# Chapter 11 – Thermal Properties of matter Questions and Answers: NCERT Solutions for Class 11 Physics

Class 11 Physics NCERT book solutions for Chapter 11 - Thermal Properties of matter Questions and Answers. ## Question 11. 1. The triple points of neon and carbon dioxide are 24.57 K and 216.55 K respectively. Express these temperatures on the Celsius and Fahrenheit scales.

### Answer:The relation between kelvin scale and Celsius scale is TK– 273.15 =TC=> TC=TK– 273.15 ## Question 11. 2. Two absolute scales A and B have triple points of water defined to be 200 A and 350 B. What is the relation between TAand TB?

### Answer:As we know, triple point of water on absolute scale = 273.16 K, Size of one degree of kelvin scale on absolute scale A ## Question 11. 3. The-electrical resistance in ohms of a certain thermometer varies with temperature according to the approximate law: R = R0[1 + α (T – T0)]. The resistances is 101.6 Ωat the triple-point of water 273.16 K, and 165.5 Ωat the normal melting point of lead (600.5 K). What is the temperature when the resistance is 123.4 Ω ?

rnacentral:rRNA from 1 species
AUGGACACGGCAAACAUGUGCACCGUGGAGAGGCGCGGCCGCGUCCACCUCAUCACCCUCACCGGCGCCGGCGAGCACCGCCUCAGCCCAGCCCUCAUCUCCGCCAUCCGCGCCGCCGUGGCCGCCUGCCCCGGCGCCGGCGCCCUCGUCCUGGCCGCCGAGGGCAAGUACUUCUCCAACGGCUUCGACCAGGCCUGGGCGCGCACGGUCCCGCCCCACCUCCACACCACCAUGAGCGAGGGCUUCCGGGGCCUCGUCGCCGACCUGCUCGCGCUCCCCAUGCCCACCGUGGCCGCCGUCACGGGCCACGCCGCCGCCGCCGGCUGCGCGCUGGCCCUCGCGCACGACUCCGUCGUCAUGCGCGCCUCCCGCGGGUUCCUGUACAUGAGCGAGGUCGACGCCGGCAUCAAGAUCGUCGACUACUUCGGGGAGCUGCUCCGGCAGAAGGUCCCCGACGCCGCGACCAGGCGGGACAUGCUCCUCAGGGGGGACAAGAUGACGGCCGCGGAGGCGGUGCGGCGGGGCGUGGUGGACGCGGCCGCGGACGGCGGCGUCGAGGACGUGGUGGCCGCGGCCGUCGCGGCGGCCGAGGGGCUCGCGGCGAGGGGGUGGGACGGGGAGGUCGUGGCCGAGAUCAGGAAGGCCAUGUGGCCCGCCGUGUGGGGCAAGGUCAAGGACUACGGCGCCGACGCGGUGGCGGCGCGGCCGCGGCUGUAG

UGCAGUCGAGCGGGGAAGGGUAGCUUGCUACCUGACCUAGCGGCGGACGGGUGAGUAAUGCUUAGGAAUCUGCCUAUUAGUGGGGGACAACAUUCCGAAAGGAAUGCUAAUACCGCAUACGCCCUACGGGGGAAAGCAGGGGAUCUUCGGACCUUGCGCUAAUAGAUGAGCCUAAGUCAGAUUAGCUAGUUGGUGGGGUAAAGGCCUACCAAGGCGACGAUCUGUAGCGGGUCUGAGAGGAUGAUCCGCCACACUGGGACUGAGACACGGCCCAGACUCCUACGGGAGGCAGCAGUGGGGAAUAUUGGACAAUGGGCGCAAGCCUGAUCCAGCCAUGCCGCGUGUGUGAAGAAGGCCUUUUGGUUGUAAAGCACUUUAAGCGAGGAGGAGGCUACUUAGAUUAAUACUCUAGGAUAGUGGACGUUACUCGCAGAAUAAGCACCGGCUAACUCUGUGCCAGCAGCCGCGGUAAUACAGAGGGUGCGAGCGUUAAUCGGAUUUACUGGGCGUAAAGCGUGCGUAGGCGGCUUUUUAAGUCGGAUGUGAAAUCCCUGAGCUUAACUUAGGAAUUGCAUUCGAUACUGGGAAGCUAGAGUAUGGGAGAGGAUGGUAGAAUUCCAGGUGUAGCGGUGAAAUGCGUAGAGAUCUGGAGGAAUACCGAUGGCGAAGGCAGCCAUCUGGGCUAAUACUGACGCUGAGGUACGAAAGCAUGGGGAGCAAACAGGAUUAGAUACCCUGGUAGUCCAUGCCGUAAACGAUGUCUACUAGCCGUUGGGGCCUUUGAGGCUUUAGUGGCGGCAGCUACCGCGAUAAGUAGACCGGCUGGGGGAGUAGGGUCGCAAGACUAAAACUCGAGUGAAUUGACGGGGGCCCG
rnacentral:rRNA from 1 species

### Answer:Here, R0= 101.6 Ω; T0= 273.16 K Case (i) R1= 165.5 Ω; T1= 600.5 K, Case (ii) R2= 123.4 , T2= ? Using the relation R = R0[1 + α (T – T0)] Case (i) 165.5 = 101.6 [1 + α (600.5 – 273.16)] ## Question 11. 4. Answer the following: (a) The triple-point of water is a standard fixed point in modem thermometry. Why ? What is wrong in taking the melting point of ice and the boiling point of water as standard fixed points (as was originally done in the Celsius scale) ? (b) There were two fixed points in the original Celsius scale as mentioned above which were assigned the number 0 °C and 100 °C respectively. On the absolute scale, one of the fixed points is the triple-point of water, which on the Kelvin absolute scale is assigned the number273.16 K. What is the other fixed point on this (Kelvin) Scale ? (c) The absolute temperature (Kelvin scale) T is related to the temperature tcon the Celsius scaletc= T – 273.15 Why do we have 273.15 in this relation, and not 273.16 ? (d) What is the temperature of the triple-point of water on an absolute scale whose unit interval size is equal to that of the Fahrenheit scale ?